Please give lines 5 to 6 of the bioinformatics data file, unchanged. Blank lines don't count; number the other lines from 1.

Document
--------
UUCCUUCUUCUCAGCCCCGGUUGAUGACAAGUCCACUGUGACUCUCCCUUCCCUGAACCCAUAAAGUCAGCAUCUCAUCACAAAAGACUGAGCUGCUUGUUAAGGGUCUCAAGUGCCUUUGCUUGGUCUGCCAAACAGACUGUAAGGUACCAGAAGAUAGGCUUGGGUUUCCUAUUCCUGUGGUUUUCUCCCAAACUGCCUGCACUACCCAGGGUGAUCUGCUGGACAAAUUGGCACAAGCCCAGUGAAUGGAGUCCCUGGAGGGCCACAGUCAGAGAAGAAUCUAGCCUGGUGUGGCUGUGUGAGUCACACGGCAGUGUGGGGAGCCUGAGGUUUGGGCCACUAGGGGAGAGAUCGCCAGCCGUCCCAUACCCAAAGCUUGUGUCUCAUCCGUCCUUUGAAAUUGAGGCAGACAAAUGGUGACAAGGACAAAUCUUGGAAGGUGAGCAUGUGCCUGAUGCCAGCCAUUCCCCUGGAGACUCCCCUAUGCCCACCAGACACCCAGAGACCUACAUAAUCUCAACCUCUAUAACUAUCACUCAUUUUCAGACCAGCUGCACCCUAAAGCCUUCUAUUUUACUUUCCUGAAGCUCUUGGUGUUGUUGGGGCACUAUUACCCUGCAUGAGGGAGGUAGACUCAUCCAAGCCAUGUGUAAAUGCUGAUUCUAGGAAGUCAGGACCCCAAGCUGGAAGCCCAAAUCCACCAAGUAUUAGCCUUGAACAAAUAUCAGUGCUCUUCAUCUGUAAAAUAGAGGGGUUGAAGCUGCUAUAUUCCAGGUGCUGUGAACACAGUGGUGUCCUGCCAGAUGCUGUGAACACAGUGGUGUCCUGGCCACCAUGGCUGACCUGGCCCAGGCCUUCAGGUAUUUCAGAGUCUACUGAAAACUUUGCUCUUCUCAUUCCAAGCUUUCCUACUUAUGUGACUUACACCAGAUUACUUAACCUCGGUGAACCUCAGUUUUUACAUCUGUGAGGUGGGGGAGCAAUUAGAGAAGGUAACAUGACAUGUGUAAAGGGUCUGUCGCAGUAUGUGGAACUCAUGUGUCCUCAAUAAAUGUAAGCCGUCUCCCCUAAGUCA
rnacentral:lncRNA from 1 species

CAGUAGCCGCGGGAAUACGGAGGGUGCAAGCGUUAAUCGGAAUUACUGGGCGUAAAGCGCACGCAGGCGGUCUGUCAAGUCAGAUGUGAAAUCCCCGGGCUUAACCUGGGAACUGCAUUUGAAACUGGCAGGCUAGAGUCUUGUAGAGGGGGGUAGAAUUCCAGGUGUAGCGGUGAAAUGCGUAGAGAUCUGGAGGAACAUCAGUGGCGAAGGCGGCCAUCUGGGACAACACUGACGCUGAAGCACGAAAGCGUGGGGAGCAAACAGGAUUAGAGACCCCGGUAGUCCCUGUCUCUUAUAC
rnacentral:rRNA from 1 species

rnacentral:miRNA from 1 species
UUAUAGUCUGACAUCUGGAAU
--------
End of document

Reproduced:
rnacentral:miRNA from 1 species
UUAUAGUCUGACAUCUGGAAU